Is It Safe to Combine Amitriptyline and Alcohol?

Amitriptyline is an antidepressant medication that belongs to the family of drugs known as tricyclics. It works by increasing the levels of a hormonal substance known as serotonin in the brain. Serotonin plays an important role in regulating mood, and inadequate levels of serotonin have been associated with depression and other mood disorders.

Unfortunately, many people believe that drinking while taking psychotropic medication is safe since both substances are available legally. Alcohol can be hazardous when taken with a number of medications, and amitriptyline is no exception. Unlike some other medications that assist in regulating mood, there is not a large chance of life-threatening complications from drinking while taking this medication. Safety issues can arise with this mixture, however, which is why the patient literature included with the medication recommends that patients do not drink at all while taking it.

Several reasons make the prospect of this combination hazardous, mainly pertaining to adverse effects that can occur rather unpredictably. Mixing amitriptyline and alcohol can increase the chances of experiencing negative side effects from the medication. Adverse side effects that have been seen in people taking this drug include nausea, stomach discomfort, and drowsiness. These same effects can often result from drinking alcohol, as well, and the combination of alcohol and amitriptyline makes these effects occur with a much greater frequency.

Other effects that result from alcohol consumption can become much more pronounced when amitriptyline and alcohol are taken together. Slowed reactions to outside stimuli, problems with judgment and higher-order thought, and poor motor control can all be the products of drinking excessive alcohol. These effects can become even more apparent when combining amitriptyline and alcohol. Due to the additive effect of these two drugs, these types of side effects can arise from drinking relatively small amounts of alcohol.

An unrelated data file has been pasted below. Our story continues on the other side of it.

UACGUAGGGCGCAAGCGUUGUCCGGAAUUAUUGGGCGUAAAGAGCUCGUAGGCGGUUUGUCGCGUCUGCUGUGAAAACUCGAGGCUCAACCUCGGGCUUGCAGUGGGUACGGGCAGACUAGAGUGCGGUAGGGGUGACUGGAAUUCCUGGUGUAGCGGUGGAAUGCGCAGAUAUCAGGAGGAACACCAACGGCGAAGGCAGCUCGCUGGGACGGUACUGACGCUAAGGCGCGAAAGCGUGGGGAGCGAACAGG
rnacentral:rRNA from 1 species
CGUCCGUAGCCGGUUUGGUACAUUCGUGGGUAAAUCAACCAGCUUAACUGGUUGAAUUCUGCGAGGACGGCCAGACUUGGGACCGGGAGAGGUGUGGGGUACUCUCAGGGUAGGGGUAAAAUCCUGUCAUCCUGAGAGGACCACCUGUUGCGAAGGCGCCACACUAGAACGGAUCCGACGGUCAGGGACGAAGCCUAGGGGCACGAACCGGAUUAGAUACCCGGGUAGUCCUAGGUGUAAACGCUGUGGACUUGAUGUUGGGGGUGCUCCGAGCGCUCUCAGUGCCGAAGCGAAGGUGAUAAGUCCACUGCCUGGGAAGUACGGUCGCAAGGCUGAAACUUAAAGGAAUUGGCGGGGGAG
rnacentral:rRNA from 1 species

It is possible for people to operate heavy machinery and drive while taking this antidepressant after an individual knows how they respond to it and have grown used to the side effects. The unpredictability of side effects that can come about from drinking with this medication means that these activities might not be engaged in safely after even a single drink. Despite the fact that many laws allow a small blood alcohol content while driving, mixing amitriptyline and alcohol in any amount can still be dangerous. Even activities that do not involve machinery, but that require intense concentration, may not be completed properly after drinking and taking this medication.

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